Some of you might have noticed that I failed to get anything posted last Sunday. I wish I had a good excuse for this, but I don’t. The reality is I was simply uninspired. I tried watching a half dozen movies over the course of the long weekend and couldn’t find one I felt compelled to write about. Today, however, is different, so I am happy to be able to bring to you:
Piranha Part 2: The Spawning
A few years after a military experiment went wrong and a school of ultra-vicious piranhas were released into an American fresh-water river system, history repeats itself when a ship carrying an even more dangerous breed of the carnivorous fish (they can fly!) sinks near the Caribbean resort of Club Elysium. The first person to become aware of their presence is the resort’s (very) attractive scuba instructor, Anne Cavanagh, who is currently separated from her husband Steve, the island’s sheriff, and engaged in an enjoyable flirtation with Tyler Sherman, a mysterious New Yorker who may know more about the deadly fish than he lets on. Will the three of them be able to save the resort’s tourists from becoming fish chow? And, more importantly, will Anne and Steve’s teenage son, Chris, get some action from the super hot rich girl?
Okay, I’m confused. Based on everything I’ve read, Piranha Part Two: The Spawning is supposed to be atrociously terrible—laughably bad. Yet the experience I’ve just had watching it was one filled with genuine elation and delight. I didn’t just like this movie—I loved it! And not in any sort of ironic-bad-movie way. No, as the credits began to roll I felt the sensation of having seen a legitimately great B-movie. Is there something wrong with me? Do I have a fever? Did I somehow magically receive a copy of the film that is vastly superior to the one that remains so critically derided? Or are the rest of you a bunch of assholes who wouldn’t know a good piranha movie if it came and stripped the flesh off your bones in less than 60 seconds?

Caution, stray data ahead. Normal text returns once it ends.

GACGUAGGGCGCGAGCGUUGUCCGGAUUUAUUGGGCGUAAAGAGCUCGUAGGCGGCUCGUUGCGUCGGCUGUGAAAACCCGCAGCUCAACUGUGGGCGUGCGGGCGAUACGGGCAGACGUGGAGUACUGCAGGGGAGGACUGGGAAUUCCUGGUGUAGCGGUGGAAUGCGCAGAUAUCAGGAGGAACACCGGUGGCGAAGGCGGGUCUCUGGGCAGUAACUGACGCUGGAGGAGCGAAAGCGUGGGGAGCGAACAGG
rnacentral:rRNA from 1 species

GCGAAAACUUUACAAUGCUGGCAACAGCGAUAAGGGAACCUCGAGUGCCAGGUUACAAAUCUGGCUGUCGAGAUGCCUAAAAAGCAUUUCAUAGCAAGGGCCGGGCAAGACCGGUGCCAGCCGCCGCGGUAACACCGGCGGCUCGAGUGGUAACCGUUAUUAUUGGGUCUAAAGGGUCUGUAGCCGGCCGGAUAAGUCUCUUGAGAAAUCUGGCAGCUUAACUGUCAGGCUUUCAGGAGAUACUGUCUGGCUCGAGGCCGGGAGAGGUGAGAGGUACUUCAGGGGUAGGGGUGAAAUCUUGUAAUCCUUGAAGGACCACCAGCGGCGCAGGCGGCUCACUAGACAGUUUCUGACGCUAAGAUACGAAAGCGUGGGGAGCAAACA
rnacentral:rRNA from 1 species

Guess which one I’m going with!
As a film The Spawning remains best known as an odd footnote in the filmography of the then-future King of the World, James Cameron. It’s the movie writers always bring up to show that even the most consistently successful director in Hollywood has a so-called stinker in his past. Cameron apologists defend their hero by insisting he was fired sometime during the production (versions of the story range from this happening just two days to several weeks into production) and either had no role in the post-production process or managed to take complete control of it, but could only work with what producer Ovido G. Assonitis shot in his absence.
Knowing what I know about writers (having been guilty of their crimes myself) I’m certain that the majority of those who have mocked The Spawning have never actually seen it and do so based more on the concept of killer flying fish than anything else.
That still doesn’t explain the hostility the film has engendered from fellow B-movie enthusiasts who actually have seen it and describe it as laughably inept. As I suggested above, I have to wonder if they’ve actually seen the same movie I have. Sure, the special effects are pretty cheap, but no cheaper or any worse than those found in Joe Dante’s 1978 original.
In fact, the main source of derision seems to be that The Spawning isn’t a direct copy of Piranha, insofar as it more resembles a Euro-schlock Jaws rip-off than the semi-comedic pastiche of 50s horror films and 70s eco panic movies Dante and screenwriter John Sayles threw together on the sly. It’s another case of critics deriding a film not for being what it actually is, but for not being what they expected. Yes, The Spawning is an outright Euro-schlock Jaws rip-off, but it also happens to be a very fun and exciting Euro-schlock Jaws rip-off that—shockingly to me—features far more likeable characters than those found in Dante’s acclaimed original.